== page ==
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US Special - Operations & maintenance - Maintenance fears in testing times

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With wind plant owners looking to optimise performance and minimise costs in the face of the global economic downturn, the question of what to do with ageing turbines has taken on greater importance. Options include investing money to maintain turbines, idling them to reduce wear, or repowering wind farms altogether with expensive but efficient new machines. "Extreme pressure will force hard decisions," says Ed Zaelke of law firm Chadbourne & Parke.


Keith Towse of the American unit of UK developer Wind Prospect agrees, but warns that neglecting maintenance in an attempt to save money is folly. Making drastic cuts in operation and maintenance (O&M) costs is "a false economy," he says, comparing it to skipping oil changes on a car to save money. "People have always wanted to cut costs because they see their revenue is going to be cut," he says. But the line must be drawn at the physical upkeep of the plant, he says. "The only thing you can do less of is maybe let the grass grow longer."


Increased competition

O&M businesses in America were suffering even before the economic crisis, Towse points out. "The operation and maintenance industry has been through the mill already in the past twelve to eighteen months as the expansions of the industry are causing a lot more contractors to enter the industry," he says. Increased competition in the market has forced many firms to rethink their strategies. Some have sought security through partnerships, such as Wind Prospect, which has teamed up with small O&M firm Run Energy.

But even with their combined strengths the going has not been easy. "People like Run have had to push their costs down and down already. So the ability to do that any more is fairly limited," says Towse. "Budgets are tight as it is. To cut back on anything is going to hurt the operations," adds Run Energy's Brad Grader. "But some operators are going to try and cut corners."

Douglas Levitt of CalWind says a strong focus on maintenance has proved worthwhile, although he may soon be forced to consider repowering instead due to a lack of components for existing machines. CalWind operates two wind projects in the Tehachapi Pass wind resource area in Southern California, one is 9 MW, the other 22 MW. Each uses a mix of Kenetech and Bonus turbines, all about 20 years old.

Thanks to regular maintenance, the machines are in such good condition that they remain available for operation around 97% of the time, Levitt says. Anything at 97% availability or above is considered healthily economic in the wind business.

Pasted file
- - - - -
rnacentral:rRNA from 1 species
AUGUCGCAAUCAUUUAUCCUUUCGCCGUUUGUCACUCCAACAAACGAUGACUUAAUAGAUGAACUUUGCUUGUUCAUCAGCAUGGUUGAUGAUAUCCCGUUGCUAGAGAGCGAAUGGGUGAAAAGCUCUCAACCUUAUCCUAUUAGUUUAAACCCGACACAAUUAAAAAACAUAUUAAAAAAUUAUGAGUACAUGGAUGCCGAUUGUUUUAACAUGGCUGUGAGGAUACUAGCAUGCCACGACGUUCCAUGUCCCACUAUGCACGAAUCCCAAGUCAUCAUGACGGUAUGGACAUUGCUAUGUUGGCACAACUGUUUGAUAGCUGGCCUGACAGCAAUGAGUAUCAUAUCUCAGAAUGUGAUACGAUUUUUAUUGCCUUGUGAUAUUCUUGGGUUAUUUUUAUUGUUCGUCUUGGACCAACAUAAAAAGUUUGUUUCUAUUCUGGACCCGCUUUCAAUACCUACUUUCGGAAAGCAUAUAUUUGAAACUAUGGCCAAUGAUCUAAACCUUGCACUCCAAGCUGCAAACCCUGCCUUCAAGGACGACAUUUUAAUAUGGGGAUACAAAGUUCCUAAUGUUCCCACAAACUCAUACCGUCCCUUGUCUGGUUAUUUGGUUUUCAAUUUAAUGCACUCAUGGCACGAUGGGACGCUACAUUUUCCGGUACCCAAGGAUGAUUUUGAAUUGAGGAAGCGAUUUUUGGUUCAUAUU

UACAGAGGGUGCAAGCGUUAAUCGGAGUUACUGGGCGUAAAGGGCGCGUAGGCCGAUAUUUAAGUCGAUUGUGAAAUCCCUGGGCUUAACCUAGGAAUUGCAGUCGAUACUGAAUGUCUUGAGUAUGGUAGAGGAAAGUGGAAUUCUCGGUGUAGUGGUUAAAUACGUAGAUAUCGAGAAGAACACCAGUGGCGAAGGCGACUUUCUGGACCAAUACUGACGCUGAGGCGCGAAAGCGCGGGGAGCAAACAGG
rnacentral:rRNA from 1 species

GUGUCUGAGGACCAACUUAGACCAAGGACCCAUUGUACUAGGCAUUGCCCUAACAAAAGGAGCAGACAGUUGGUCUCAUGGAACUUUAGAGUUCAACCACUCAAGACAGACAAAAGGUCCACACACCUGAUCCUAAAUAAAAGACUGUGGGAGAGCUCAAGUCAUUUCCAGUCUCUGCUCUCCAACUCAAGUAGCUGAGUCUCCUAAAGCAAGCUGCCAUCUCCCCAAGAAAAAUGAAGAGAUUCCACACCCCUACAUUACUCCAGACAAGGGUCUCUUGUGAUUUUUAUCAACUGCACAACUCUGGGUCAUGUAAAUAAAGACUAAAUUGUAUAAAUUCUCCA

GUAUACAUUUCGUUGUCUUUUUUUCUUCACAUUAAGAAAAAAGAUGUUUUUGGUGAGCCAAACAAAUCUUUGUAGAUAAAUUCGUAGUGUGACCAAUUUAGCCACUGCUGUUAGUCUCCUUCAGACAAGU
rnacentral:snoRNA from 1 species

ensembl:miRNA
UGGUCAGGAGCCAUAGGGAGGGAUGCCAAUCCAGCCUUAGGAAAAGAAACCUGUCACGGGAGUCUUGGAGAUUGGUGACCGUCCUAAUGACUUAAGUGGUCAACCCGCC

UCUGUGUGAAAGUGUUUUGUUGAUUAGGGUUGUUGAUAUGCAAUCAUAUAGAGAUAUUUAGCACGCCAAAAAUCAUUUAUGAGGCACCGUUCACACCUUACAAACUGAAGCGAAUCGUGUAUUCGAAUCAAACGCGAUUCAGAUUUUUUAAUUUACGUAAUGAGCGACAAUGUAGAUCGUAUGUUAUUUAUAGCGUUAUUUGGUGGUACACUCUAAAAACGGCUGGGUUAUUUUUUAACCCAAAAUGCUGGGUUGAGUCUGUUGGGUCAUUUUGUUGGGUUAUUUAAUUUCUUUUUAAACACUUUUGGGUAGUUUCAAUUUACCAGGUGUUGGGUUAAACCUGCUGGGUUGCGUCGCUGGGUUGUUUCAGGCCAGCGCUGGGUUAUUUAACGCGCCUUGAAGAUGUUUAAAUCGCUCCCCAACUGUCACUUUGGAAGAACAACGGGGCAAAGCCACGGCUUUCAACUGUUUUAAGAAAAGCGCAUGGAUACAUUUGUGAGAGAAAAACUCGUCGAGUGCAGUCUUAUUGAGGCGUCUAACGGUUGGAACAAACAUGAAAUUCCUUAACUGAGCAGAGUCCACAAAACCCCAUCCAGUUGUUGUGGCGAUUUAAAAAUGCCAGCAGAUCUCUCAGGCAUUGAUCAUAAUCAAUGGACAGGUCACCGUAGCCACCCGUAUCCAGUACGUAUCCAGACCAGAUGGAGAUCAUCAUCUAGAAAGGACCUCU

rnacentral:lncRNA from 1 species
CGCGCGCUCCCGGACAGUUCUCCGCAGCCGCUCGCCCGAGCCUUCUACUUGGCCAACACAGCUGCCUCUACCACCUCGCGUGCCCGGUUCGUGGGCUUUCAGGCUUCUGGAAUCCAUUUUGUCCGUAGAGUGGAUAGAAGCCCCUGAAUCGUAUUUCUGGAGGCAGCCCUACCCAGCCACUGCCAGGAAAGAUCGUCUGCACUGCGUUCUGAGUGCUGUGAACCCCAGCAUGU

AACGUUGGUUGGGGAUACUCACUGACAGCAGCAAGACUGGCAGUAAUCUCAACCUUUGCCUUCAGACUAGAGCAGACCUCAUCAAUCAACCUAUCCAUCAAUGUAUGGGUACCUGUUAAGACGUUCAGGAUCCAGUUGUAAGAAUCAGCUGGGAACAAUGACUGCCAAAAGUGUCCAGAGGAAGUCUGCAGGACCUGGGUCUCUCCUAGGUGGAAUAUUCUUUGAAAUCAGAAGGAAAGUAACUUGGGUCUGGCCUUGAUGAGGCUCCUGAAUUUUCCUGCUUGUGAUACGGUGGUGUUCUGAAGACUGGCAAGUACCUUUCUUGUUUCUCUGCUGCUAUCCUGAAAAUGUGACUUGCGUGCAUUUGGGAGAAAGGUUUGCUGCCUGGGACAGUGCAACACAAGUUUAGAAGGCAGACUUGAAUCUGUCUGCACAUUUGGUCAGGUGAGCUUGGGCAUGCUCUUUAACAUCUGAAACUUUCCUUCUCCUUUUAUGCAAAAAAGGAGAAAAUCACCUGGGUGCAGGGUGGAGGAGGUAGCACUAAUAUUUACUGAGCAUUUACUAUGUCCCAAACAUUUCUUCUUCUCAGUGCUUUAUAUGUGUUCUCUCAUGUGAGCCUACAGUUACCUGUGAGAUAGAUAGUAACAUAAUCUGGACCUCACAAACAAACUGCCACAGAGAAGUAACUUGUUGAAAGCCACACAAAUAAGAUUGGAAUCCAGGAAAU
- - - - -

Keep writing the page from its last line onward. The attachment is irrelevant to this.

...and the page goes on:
CalWind replaces about five gearboxes each year on 130 operating turbines, says Levitt, but keeping the ageing equipment functional has become more difficult. "It becomes more difficult every year to find the components," he says. "That definitely influences one's decision to repower." Levitt has full ownership of the land and wind plant and has no debt to service, so every kilowatt hour his turbines produce brings in good money from power sales and tax credits, regardless of the turbines' age. "We are not running to get the most out of them today," he says. "It is more long term versus immediate results today."

In contrast, some wind plant owners focus on immediate results. This is especially the case for operators selling output directly into the wholesale market rather than through long-term power purchase contracts. When wholesale prices are high, plant owners can make good returns by operating machines flat out. Levitt says some operators of California's ageing fleets have run their turbines at redline by adjusting blade pitch to catch more wind than the units were designed for. Some have added tip extenders to blades to increase rotor size and capture more wind. But these steps can be penny-wise and pound-foolish by overworking the turbines, he warns.


New technology

Meanwhile, for some companies, replacing old turbines with new already makes economic sense. Coram Energy recently repowered some of its earliest projects in Tehachapi, replacing 283 Aeroman, 40 kW two-bladed wind turbines, installed in the early 1980s, with 10 GE 1.5 MW machines. Other repowering activities are planned, says the company's Robert Morrison. Tehachapi was one of the first areas commercially developed by wind power companies and, unsurprisingly, is one of the first to be repowered.

Exchanging old for new will be the wave of the future, says Morrison, as operators use new technology to get more out of existing wind resources. "I think the contrasts with extractive resource production are pretty significant, where typically all you are left with are a severely degraded landscape and a bunch of rusting junk," he adds, drawing a comparison with the fossil fuel industry.

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